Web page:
Discharge against medical advice in children at the Universi | 18062
International Research Journals

Discharge against medical advice in children at the University of Abuja Teaching Hospital, Gwagwalada, Nigeria


AA Okechukwu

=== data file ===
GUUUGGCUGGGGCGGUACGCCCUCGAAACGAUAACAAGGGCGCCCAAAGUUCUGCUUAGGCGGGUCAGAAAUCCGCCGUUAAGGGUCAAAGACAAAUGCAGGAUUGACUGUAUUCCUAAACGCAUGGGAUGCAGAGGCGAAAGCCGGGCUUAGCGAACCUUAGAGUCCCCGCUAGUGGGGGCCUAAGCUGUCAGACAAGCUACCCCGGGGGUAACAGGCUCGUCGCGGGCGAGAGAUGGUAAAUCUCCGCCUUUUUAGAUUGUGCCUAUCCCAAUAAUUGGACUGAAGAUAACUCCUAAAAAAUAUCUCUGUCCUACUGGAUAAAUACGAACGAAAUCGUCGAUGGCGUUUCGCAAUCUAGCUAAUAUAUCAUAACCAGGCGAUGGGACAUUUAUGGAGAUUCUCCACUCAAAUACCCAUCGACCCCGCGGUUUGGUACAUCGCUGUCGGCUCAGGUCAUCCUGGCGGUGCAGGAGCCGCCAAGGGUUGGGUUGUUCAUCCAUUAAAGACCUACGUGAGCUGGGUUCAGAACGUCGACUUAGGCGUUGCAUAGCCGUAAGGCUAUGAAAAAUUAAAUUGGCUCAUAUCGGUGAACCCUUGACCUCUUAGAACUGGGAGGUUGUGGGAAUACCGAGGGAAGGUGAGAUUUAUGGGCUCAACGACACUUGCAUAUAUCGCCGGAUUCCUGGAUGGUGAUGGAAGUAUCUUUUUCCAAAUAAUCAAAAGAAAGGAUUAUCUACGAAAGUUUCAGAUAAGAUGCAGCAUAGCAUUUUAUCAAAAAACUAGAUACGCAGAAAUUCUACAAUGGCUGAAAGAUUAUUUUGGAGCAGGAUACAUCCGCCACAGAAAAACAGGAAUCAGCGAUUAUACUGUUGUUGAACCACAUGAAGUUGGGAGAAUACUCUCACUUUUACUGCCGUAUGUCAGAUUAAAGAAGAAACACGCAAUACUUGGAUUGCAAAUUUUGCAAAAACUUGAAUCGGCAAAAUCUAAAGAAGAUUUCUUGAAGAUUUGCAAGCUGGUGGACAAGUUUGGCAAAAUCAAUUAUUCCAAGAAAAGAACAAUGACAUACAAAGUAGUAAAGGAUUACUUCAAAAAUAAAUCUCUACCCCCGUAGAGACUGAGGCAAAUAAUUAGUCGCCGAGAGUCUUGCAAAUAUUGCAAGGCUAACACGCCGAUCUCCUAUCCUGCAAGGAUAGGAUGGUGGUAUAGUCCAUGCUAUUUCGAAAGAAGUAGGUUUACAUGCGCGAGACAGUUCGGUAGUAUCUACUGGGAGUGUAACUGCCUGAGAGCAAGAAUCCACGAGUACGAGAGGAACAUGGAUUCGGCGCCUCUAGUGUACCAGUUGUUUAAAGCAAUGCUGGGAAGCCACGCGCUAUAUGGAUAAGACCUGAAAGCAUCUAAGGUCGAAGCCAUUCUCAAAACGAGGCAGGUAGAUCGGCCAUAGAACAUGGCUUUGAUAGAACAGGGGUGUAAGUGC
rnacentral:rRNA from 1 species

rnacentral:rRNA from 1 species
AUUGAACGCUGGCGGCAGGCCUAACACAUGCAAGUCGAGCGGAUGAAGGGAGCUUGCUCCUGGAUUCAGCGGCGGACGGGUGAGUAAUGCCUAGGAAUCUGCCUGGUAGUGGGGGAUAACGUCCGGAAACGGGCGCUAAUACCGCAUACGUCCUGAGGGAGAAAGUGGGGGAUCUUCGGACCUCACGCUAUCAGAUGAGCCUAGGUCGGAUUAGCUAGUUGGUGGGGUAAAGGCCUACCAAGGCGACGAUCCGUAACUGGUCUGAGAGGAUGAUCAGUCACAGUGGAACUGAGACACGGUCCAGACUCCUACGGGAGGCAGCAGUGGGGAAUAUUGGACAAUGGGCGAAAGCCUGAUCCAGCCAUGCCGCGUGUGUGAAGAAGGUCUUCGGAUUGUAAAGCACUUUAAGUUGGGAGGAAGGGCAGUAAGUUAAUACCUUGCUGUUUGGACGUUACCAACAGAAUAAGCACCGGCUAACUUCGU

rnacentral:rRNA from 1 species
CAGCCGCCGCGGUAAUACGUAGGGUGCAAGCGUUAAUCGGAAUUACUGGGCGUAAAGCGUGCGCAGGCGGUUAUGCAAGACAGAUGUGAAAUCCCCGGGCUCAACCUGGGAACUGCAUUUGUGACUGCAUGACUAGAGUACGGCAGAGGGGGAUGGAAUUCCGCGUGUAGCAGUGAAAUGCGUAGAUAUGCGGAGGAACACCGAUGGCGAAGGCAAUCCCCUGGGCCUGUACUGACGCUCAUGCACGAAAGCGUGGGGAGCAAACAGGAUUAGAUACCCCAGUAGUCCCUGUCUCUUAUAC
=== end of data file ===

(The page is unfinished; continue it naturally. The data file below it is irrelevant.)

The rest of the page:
Discharge against medical advice is not an uncommon practice encountered by health care providers in resource limited settings. The peculiarity of paediatric cases is that the index subjects are not party to the decision taken on their behalf. This practice usually occurs with ill children and may contribute to poorer outcome. The aim of this study is to document the prevalence and reason(s) for discharge against medical advice in a new Teaching Hospital in the Federal Capital Territory, Abuja, Nigeria. A one-year retrospective review of all cases of discharge against medical advice from January to December 2009 was carried out to determine the prevalence and reason(s) for such action. Of a total of 1,385 children admitted into the three paediatric wards during the one-year review period, 102 (7.4 %) were discharge against medical advice. Fifty six (54.9 %) of the 102 were males and 46 (45.1%) females, m:f ratio of 1.3:1. Fifty three (51.9%) of discharge against medical advice occurred in the emergency paediatric unit of paediatric ward, 29 (28.4%) in the special care baby unit, and 20 (19.6%) in the paediatric medical ward. The three commonest ailments of the children in respect of whom discharge against medical advice were requested were severe malaria (12.7%), protein energy malnutrition (9.8%), and gastroenteritis with dehydration (8.8%). Financial constraint (42.2%), and resort to alternative medicine (20.5%) were the two main reasons for parents/guardians requesting for discharge against medical advice of their children/wards. Discharge against medical advice occurred most frequently in the first (30.3%), and the second (17.6%) years of life, within the first 14 days (86.4%) of admission, and in children from low (66.7%) and middle (29.4%) socio-economic classes. The prevalence of discharge against medical advice was high in our environment, and was most common in the less privileged and vulnerable group, and in those with life threatening emergencies. Implementation and sustenance of national health insurance scheme at all levels of the society or provision of free or highly subsided emergency medical services in most health institutions will assist in no small way in mitigating this ugly trend in children.

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